In a major attack to clamp the further decline in the Indian rupee against the US dollar, the Reserve Bank of India (RBI) on Monday late evening issued a series of liquidity measures. Bonds yields are now expected to go up while a dearer rupee is likely to create a squeeze in funds availability. Consequently, the demand for rupee will rise.
"The market perception of a likely tapering of US quantitative easing has triggered outflows of portfolio investment, particularly from the debt segment. Consequently, the rupee has depreciated markedly in the last six weeks. Countries with large current account deficits, such as India, have been particularly affected despite their relatively promising economic fundamentals," RBI said in release underscoring the need for immediate measures to restore stability to the foreign exchange market.
The Indian rupee hit record low at 61.21 against the greenback on July 8 this year. Since last two month, it has lost more than 15 percent due to erosion of overseas investment in India.
The central bank restricted banks' borrowing through liquidity adjustment facility (or a window to borrow funds from RBI called LAF) to the tune of 1 percent of total deposits or Rs 75,000 crore. It will be effective from July 17 when onwards, banks have to look for other options to meet their overnight fund requirements if the level reach the stipulated mark.
LAF is the combination of two auction routes: repo and reverse repo. While banks borrow from repo currently at 7.25 percent, they park their excess liquidity via reverse repo rate at 6.25 percent.
Accordingly, RBI raised the interest rate of Marginal Standing Facility (MSF) by 100 bps to 10.25 percent as against 9.25 percent currently. Hence, the difference between repo rate and MSF stands at 300 basis points compared with 200 bps currently. Banks can borrow money pledging their excess SLR (Statutory Liquidity Ratio) bonds. Most of the banks are holding excess SLR above 23 percent. Hence, lenders can borrow money using MSF route.
"RBI had two options: a policy rate hike or a squeeze in rupee liquidity," Moses Harding, an astute treasury expert with rich banking experience told moneycontrol.com.
"The central bank opted for the latter. Bond yields may go up to 7.80 percent. The impact will be much severe than direct rate hike when LAF is restricted at 75,000 crore when excess SLR is at 4-5 trillion. The rate differential between repo and call market may now widen up to 30-40 bps compared with 5-10 bps currently. Banks would use MSF option to raise short term funds when the call money market rate will rise above 10 percent," he said.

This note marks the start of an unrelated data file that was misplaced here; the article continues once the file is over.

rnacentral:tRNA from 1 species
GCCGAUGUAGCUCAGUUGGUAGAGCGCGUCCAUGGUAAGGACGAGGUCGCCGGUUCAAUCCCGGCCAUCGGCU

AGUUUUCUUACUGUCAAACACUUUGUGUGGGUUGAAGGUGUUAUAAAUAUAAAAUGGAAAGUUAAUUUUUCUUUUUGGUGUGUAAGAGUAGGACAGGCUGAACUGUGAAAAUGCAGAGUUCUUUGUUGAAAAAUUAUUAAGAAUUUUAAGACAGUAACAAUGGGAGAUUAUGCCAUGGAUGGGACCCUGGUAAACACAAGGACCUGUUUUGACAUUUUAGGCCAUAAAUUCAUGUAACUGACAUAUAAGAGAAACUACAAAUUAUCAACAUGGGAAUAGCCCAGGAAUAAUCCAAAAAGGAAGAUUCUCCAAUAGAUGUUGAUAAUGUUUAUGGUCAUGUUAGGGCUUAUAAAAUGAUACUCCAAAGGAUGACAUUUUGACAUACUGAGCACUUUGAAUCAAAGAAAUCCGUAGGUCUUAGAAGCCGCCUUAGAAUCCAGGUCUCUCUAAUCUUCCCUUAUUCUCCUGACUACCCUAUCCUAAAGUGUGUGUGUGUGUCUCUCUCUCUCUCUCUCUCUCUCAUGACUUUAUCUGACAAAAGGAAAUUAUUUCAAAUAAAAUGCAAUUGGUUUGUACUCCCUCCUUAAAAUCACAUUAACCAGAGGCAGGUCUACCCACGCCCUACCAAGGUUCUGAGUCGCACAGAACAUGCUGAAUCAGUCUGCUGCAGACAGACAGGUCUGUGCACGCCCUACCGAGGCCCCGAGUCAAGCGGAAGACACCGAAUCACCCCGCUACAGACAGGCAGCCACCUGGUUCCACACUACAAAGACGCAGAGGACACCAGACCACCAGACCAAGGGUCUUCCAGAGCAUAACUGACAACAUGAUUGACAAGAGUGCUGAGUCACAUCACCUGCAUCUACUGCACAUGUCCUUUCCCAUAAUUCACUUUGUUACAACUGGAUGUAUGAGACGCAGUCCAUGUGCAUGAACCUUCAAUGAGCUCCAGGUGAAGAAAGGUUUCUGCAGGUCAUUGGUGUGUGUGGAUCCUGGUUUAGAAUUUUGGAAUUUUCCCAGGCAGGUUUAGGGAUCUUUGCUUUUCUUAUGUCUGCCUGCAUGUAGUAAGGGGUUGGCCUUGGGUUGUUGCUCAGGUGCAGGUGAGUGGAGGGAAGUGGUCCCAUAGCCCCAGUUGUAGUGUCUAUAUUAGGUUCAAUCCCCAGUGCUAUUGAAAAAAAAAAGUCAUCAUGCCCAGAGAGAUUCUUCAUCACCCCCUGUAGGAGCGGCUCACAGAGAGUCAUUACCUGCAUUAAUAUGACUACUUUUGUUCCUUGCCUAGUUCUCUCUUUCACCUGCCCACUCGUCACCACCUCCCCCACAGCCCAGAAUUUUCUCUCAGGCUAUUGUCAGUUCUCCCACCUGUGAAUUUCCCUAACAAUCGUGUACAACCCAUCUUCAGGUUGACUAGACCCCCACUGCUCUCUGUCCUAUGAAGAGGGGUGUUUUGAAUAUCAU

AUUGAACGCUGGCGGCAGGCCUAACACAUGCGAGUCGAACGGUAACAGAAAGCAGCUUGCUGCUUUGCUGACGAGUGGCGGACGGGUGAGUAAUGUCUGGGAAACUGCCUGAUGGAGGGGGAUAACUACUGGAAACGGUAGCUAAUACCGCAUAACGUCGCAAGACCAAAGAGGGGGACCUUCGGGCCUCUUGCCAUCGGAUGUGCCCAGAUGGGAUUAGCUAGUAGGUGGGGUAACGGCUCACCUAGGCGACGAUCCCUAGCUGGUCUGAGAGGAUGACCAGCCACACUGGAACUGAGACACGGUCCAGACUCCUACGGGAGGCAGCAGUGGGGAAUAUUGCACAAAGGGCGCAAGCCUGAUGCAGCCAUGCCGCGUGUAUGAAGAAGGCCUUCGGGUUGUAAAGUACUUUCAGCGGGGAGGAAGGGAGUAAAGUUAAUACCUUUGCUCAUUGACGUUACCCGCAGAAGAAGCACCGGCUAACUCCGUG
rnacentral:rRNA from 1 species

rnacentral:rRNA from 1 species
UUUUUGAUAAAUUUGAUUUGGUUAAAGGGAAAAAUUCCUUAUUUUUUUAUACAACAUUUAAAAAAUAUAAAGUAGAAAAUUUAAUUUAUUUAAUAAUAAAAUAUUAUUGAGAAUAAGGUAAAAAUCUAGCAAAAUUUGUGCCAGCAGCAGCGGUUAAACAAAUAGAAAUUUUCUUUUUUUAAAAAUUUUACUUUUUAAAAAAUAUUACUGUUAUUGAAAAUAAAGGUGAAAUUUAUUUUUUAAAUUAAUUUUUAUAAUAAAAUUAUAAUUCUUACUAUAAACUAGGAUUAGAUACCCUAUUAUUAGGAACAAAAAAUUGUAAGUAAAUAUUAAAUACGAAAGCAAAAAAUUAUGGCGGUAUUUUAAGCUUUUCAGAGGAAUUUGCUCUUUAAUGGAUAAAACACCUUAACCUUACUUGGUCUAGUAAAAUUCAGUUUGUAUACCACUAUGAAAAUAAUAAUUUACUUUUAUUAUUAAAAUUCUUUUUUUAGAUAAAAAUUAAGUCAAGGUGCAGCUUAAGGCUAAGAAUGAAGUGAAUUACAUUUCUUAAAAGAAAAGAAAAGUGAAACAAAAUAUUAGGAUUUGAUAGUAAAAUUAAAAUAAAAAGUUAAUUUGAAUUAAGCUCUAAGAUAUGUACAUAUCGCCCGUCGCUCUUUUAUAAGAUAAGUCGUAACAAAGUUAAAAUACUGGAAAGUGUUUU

As of now, the benchmark call money market rate is hovering around 7.35 percent. The 10-yr (2023) bond yield is moving around 7.50-7.60 percent range. The relation between bond yields and prices is inverse. Banks' net borrowings come in the range of Rs 80,000 crore to Rs 1 lakh crore. In MSF market, banks need to pledge SLR bonds to mop up funds.
Banks are mandated to invest in government securities to the tune of 23 percent of their total deposits.
Measure Three & need:
Perhaps realising the impact on the bond market, the RBI announced an open market (sales) operation (OMO) of Rs 12,000 crore on July 18, 2013. This will ensure more flows of government papers in the market especially when bond prices are likely to fall due to rise in yields.
"While the announcement of OMO is a good sign, I am yet to be convinced about the merits of liquidity measures to check rupee's volatility. A straight 25 bps hike in the policy rate would have lured foreign institutional investors to invest in India and thereby, stemming rupee's free fall with fresh dollar inflows," Ashutosh Khahjuria, president - treasury, Federal Bank.
With all these measures, the central bank will continue to closely monitor the markets, the liquidity situation and the macroeconomic developments. It will take such other measures as may be necessary, consistent with the growth-inflation dynamics and macroeconomic stability, said RBI, which will announce its first quarter (April-June) monetary policy on July 30.